The lake is about 3-4 hours northwest of Montreal and feels fairly distant from civilization. When my CCLV connection arrived to take me back to society, I found myself wishing they'd just brought me another bag of food. I easily could've stayed on the water another week or two.
For anyone planning a trip, here are a few miscellaneous thoughts:
- Visit the CCLV site:
Then contact CCLV by email. They are very helpful and friendly.
- You should reserve the shuttle truck at least a week in advance.
(Don't forget to tell them when to pick you up or you're walking out.)
- Prices for some services have gone up. Ask for an estimate before you drive up.
- Your last (or first) town of appreciable size on Route 117 is Mont-Laurier; a good bet for a meal.
- The only motel at Le Domaine has about eight $70 rooms and fills up fast -- get a reservation if you want to stay there. Check in at the restaurant, which serves 24/7.
- You don't need to stay there, though. If you arrive late you can camp near the outfitter shop. If CCLV is expecting you and you've got a tent, you can camp the night you arrive at no charge.
- Once CCLV drops you off, you're on your own, but not completely alone; fishing boats will go by once every few hours. They will ignore you completely as a rule and may not even see you, especially if you are more than a km away, which for me was often. If you're in deep trouble, plan to get yourself out of it; you may not see another soul for a day or more, especially if you're in an area unpopular with walleye.
- That said, when the fishermen stop, they usually stay in one place for a couple of hours; once their engines stop you can probably hail them if you're close (and loud) enough. They usually know the weather report as well.
- Civilization touches the lake at a couple of points. On a peninsula in Lac de l'Ecorce is Bark Lake Lodge, which was willing to serve me a $10 breakfast if I made a reservation the previous evening. They have a pay phone. Check them out here:
- Next to the Rapid-Lake reservation is a boat launch also with a restaurant. I got the impression they wanted advance notice on food requests as well but managed to get a bowl of soup when I walked up. (You can eat on a sun deck with umbrella-shaded tables, a nice respite.) The tiny store caters to fishermen but had a few things: Bottled water, candy bars, drinks. I didn't ask about a phone.
- SEPAQ campsites have trash barrels. Outhouses too but, as always, bring your own toilet paper.
- Don't expect the CCLV employees to know much about the route you plan to take -- they depend on paddlers' reports just as we do. When I arrived, no one there had ever even been out on Cabonga, though they had canoed some of the reserve's many other lakes and streams.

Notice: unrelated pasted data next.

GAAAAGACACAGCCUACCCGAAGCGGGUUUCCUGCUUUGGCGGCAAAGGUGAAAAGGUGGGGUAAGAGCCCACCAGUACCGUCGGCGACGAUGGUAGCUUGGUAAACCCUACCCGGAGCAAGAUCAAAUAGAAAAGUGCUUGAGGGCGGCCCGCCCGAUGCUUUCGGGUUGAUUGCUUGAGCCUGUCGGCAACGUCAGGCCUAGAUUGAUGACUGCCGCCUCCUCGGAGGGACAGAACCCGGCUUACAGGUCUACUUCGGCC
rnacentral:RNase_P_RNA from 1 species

- There is no potable running water anywhere in the reserve. (Don't drink from the sinks at Le Domaine.) Everything you drink should be bottled or filtered. A 4-liter bottle cost $3.50 when I was there.
- The Web site suggests that boiling lake water for a minute is enough to purify it, but I'd take a filter along anyway. When I was there, lots of yellow pollen -- obviously from some very common plant - was everywhere I looked in the water.
- Mosquitoes, even in (an admittedly dry) June, really were not that bad most of the day; if you go ashore to relieve yourself, use DEET and you'll be fine. After the sun went down however (around 9:30) they became nightmarish. Make sure you're in your tent by then.
- The lake is beautiful, but the shore does not always offer much in the way of obvious landmarks; hence it is essential that you at least have a compass and the map for Circuit 25 with you. This general map is fine for most navigation, but many small islands are not represented, so check your position frequently. Plotting a course that passes marked campsites and the rare navigational numbers will save you a lot of grief.
- Any time you're traveling through a lot of small islands, I'd have the topographic map alongparticularly the islands near Rapid-Lake, I got miserably lost in there.
- Some spots on the map indicate they are unrunnable when the water levels are low. Passing a few stained rocks the first day, it looked like the water was about 30 cm lower than usual, but I never ran aground unexpectedly or couldn't get through. (60 cm low and I would have however.)
- I saw a bear swimming between islands the first night I was there and heard plenty of noise other evenings. Mostly it was small harmless forest animals, but be ready.
- I did see a few leeches in the shallows but they're easy to avoid; never felt concerned.
Some more photos here:
Canot-Camping La Verendrye
Yes - visit their site for details.
Canada Route 117 northwest from Montreal
Get the map for Circuit 25 direct from the outfitter.
- Trip Duration: Extended Trip
- Skill Level: Intermediate
- Water Type: Flat/Sheltered Water